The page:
Build Leadership with Good Communication
December 3, 2018
There are 2 things that executives, unfortunately, do as part of their communication style that creates confusion and undermines leadership. But when executives improve these, they foster leadership in their managers and help everyone become more effective.
Don’t Go Around Your Managers
When you want to give instructions, coach, or correct staff, do it through (or with) the appropriate managers or through the quarterback in charge of the project. Don’t go around your managers and project quarterbacks. Don’t have discussions with staff without those managers present. If staff members want to talk privately, listen to them. Then ask the manager (or QB) to join your discussion and create a collaborative conversation. If you continue having conversations around managers or quarterbacks, you’ll set the manager, the quarterbacks, and the staff up for failure.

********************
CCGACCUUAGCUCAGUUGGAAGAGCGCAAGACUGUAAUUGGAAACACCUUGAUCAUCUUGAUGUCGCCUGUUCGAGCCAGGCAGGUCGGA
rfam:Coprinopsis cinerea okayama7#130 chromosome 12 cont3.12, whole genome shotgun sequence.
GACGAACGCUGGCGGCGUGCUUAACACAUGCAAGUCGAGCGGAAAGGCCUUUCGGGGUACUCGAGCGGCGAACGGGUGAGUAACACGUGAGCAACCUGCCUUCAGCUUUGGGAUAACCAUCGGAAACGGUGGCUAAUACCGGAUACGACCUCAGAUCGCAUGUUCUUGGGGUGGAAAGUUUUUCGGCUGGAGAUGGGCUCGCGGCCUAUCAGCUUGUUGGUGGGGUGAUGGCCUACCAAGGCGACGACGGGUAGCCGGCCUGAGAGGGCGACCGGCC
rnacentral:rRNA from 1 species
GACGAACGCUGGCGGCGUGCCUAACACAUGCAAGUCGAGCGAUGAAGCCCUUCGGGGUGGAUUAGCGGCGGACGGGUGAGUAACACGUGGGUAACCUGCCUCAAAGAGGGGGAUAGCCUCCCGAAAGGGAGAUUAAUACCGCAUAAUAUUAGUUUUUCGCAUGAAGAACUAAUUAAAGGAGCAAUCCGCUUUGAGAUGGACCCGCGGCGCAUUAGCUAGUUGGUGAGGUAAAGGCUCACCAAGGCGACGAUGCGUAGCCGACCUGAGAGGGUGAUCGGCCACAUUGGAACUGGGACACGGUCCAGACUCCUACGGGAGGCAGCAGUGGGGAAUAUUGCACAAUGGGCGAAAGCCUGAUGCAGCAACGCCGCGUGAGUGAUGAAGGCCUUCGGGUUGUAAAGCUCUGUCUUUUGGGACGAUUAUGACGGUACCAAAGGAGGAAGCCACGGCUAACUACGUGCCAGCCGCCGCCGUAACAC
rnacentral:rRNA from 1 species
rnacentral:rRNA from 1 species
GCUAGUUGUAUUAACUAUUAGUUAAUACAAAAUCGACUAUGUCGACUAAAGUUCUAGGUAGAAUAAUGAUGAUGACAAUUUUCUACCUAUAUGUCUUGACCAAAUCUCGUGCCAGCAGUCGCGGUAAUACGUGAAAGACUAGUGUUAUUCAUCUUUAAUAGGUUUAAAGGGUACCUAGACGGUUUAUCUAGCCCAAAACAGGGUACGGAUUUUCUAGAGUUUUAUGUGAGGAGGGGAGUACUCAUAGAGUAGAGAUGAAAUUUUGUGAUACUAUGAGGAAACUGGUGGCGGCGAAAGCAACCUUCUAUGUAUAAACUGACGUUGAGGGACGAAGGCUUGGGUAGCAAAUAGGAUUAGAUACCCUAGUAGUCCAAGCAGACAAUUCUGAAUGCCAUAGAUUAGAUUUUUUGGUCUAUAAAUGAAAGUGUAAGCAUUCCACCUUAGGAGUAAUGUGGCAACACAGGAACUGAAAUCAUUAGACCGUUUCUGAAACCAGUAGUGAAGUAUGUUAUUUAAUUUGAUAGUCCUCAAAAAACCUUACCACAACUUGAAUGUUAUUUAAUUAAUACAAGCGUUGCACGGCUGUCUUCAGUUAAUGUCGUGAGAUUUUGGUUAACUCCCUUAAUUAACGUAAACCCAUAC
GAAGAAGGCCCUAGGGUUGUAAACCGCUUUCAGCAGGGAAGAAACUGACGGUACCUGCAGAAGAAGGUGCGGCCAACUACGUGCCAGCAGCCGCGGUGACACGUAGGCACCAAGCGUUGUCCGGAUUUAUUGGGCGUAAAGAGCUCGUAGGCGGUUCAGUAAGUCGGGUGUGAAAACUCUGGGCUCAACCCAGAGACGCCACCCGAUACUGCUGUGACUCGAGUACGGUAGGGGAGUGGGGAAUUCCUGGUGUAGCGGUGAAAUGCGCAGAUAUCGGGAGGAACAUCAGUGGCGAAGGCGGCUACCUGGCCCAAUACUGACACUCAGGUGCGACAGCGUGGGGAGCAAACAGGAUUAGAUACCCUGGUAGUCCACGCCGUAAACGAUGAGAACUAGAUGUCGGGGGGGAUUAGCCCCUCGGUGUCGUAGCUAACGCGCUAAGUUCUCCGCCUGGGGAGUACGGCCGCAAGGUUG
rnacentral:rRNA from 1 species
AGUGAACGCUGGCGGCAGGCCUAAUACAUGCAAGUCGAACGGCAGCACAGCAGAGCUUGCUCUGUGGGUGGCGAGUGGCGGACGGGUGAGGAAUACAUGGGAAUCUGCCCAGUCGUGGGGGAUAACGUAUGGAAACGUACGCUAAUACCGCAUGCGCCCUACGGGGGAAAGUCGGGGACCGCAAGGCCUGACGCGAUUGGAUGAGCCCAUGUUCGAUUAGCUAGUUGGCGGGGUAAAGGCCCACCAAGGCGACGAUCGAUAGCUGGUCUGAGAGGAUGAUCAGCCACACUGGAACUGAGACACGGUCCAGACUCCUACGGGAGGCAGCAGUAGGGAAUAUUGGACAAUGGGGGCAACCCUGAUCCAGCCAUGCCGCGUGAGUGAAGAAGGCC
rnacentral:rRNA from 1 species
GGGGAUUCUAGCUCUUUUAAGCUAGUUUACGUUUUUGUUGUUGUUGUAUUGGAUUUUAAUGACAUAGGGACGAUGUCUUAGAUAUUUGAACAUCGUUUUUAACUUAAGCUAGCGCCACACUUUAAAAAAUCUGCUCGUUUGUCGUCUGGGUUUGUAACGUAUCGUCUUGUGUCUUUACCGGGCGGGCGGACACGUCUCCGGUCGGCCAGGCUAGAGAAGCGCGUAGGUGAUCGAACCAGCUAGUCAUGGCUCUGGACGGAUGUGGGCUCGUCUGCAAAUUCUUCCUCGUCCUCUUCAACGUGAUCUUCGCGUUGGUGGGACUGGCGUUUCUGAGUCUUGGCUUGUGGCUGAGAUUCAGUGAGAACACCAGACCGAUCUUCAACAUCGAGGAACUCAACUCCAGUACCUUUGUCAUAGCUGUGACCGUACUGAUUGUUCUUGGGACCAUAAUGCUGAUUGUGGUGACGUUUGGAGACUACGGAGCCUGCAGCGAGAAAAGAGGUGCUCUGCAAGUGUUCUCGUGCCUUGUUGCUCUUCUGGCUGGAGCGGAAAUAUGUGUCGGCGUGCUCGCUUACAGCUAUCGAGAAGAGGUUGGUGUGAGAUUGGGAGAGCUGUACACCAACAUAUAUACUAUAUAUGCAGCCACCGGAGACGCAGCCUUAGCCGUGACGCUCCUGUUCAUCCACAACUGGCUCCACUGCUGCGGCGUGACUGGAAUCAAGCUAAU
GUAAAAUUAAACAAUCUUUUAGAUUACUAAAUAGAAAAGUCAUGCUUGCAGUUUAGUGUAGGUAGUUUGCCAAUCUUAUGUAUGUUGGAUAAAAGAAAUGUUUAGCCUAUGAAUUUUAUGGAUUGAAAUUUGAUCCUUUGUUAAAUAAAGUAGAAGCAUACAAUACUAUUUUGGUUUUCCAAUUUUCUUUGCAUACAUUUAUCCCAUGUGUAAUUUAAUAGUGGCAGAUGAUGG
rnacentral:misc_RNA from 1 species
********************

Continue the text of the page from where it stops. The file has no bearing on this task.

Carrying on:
Don’t Look for Just Individual Opinions
As an executive, you want and need your managers to work well as a united team. A good team communicates well with each other and works together from a united plan. If this is what you want, don’t ask them for individual opinions. They’ll give them—and then you’ll have to herd them back on the same page. That doesn’t create leadership skills. Instead, ask the managers to talk, discuss, and debate with each other and to present a united game plan. When they present the plan, their leadership will sky-rocket and they’ll get more buy-in from their teams. If they aren’t united, the staff won’t buy-in or give their full energy because they’ll know their managers don’t agree with each other, so productivity wanes. When your managers are united your teams will own it.